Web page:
Category: Student engagement

Conversation groups allow students to explore vulnerability about their experiences and build trust in one another.

“This school year, many educators face the challenge of building relationships with new students virtually. How can they foster a sense of community without the camaraderie and spontaneity of in-person, classroom interactions? One approach is to make more time for personally meaningful, nonacademic, youth-driven conversations. In my teaching practice, this has taken the form of This …

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Taking attendance for online schooling a team effort: an example from Maricopa Unified School District

“All MUSD students must submit a weekly log to the school “for evidence of learning time.” Each student must also either be present for the daily synchronous lessons or submit work for the day on an online platform. “

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How White Educators Can Approach Antiracist Work:Striving to understand the origins of the concept of race and the effects of implicit biases are good initial steps.

“I believe that, as Dr. Ibram X. Kendi says, we are all “either racist or antiracist; there’s no such thing as ‘not racist.’”

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By establishing routines that address the challenges of online learning, teachers can help students in grades 3 to 8 feel a sense of belonging.

“how can we create a positive classroom culture when we can’t even see our students face-to-face?It’s going to take a mixture of adapting the old tried-and-true beginning-of-the-year traditions to digital media and creating whole new practices and activities.”

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Use Live Class Time to Center Relationships: By delivering content to students working at home, teachers can save live classes for what’s most important—the personal interactions that solidify learning.

“What made going to school meaningful?For both of us, that answer is simple: It was the human connections we made.”

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Online classes make some kids anxious, but building relationships with them can go a long way toward helping them feel secure.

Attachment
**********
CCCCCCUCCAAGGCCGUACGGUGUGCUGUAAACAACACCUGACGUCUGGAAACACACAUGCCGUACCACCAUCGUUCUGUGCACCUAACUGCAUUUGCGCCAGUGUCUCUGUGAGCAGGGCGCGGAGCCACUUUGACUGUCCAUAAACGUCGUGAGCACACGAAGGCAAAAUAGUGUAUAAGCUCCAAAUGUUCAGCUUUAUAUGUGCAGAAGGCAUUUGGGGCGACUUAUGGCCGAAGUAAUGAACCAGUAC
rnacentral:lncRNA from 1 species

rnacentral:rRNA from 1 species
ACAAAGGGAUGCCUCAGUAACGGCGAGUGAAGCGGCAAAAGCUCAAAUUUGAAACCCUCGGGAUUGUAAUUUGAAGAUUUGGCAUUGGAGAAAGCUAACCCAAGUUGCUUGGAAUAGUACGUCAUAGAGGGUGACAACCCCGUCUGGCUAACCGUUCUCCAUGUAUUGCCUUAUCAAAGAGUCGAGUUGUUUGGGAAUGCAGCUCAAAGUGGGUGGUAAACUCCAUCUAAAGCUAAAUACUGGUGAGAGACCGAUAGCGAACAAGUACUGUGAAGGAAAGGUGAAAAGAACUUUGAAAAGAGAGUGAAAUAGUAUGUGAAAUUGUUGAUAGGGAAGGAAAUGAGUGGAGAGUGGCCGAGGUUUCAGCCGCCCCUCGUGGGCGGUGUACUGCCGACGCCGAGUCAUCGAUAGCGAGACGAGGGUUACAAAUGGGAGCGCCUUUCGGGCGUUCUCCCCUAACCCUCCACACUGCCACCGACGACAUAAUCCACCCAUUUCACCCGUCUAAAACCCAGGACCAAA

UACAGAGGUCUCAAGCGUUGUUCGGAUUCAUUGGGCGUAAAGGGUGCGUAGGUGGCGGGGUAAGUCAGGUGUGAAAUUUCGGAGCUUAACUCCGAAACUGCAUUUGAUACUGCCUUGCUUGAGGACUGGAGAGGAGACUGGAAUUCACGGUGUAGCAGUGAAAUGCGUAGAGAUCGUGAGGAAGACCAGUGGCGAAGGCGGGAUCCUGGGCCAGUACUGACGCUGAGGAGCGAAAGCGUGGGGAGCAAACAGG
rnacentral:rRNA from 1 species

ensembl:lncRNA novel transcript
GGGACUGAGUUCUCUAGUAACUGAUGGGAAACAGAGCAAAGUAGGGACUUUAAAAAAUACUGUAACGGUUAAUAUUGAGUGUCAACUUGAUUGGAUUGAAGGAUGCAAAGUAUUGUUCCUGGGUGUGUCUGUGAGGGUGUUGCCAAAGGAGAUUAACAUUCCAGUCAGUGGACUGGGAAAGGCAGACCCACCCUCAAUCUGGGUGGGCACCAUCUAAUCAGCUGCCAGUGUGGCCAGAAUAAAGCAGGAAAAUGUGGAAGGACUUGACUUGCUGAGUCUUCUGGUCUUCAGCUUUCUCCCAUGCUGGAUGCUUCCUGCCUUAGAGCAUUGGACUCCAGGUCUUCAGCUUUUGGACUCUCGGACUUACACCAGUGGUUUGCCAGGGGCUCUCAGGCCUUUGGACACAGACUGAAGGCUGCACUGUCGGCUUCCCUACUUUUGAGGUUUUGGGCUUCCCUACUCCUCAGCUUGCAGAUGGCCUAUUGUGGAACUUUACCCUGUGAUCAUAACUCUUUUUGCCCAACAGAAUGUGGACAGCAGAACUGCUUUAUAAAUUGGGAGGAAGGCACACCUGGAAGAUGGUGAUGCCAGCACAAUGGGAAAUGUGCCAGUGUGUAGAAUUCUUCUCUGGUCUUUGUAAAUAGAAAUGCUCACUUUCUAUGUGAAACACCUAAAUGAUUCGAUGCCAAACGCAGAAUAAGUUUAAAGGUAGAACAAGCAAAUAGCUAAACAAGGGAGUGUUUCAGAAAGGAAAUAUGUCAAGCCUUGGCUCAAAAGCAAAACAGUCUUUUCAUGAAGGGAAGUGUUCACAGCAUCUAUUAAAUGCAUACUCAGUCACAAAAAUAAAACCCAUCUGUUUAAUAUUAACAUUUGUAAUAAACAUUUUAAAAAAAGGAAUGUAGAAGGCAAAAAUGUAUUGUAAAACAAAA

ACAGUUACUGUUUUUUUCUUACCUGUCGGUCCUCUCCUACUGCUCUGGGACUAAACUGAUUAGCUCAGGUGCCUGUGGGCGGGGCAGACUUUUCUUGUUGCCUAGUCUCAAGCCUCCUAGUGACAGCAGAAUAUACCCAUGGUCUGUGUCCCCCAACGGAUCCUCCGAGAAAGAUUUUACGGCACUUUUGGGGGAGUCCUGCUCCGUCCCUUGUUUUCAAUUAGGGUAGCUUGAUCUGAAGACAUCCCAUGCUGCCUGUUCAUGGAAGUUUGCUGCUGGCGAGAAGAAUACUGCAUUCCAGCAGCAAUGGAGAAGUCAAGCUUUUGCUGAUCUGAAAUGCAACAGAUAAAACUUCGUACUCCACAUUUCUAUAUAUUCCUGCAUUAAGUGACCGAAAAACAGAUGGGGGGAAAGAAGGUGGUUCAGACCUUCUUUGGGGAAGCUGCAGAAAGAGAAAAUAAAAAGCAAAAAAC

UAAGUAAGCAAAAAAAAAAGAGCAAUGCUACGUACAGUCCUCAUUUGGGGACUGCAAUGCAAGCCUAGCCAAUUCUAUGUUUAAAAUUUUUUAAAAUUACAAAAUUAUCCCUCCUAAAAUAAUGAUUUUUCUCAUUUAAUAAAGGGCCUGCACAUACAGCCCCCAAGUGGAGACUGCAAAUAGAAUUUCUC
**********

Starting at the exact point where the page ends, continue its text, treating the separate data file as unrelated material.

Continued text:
““What do we do about those kids who didn’t show up to remote learning sessions last spring if we are still teaching remotely in the fall?” How do we get them to show up, to do the work—in essence, to comply?”

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Why Self-Compassion and Emotion Regulation Are Key to Coping with COVID-19 by Marc Brackett

“healthy emotion regulation involves monitoring, tempering and modifying emotional reactions in helpful ways in order to reach personal and professional goals.”

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To overcome the stress of this pandemic, educators must lead with relationships, routines and resilience by Katie Brackenridge

” The real question is whether we can afford not to invest in practices that support students’ social, emotional AND cognitive development right now. If we really care about student success, then we need to honor the biology of our brains — our interconnected centers of emotions, focus and learning.”

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Reduce teacher burnout and student absenteeism by asking this one question each day

“What are the 1-2 things that I need to achieve today in order for this to be a successful day?”

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Districts Pivot Their Strategies to Reduce Chronic Absenteeism During Distance Learning by Wade Tyler Millward

“Hedy Chang, executive director and founder of Attendance Works, says that when the new school year resumes, school officials may well find more students at risk for chronic absenteeism due to economic or housing instability. Parents may have lost their jobs, students may need to work to support the family, family members may have died due to COVID-19. And students may be unwilling to return to school in person if they have a health condition or live with someone who is more vulnerable to the virus.”

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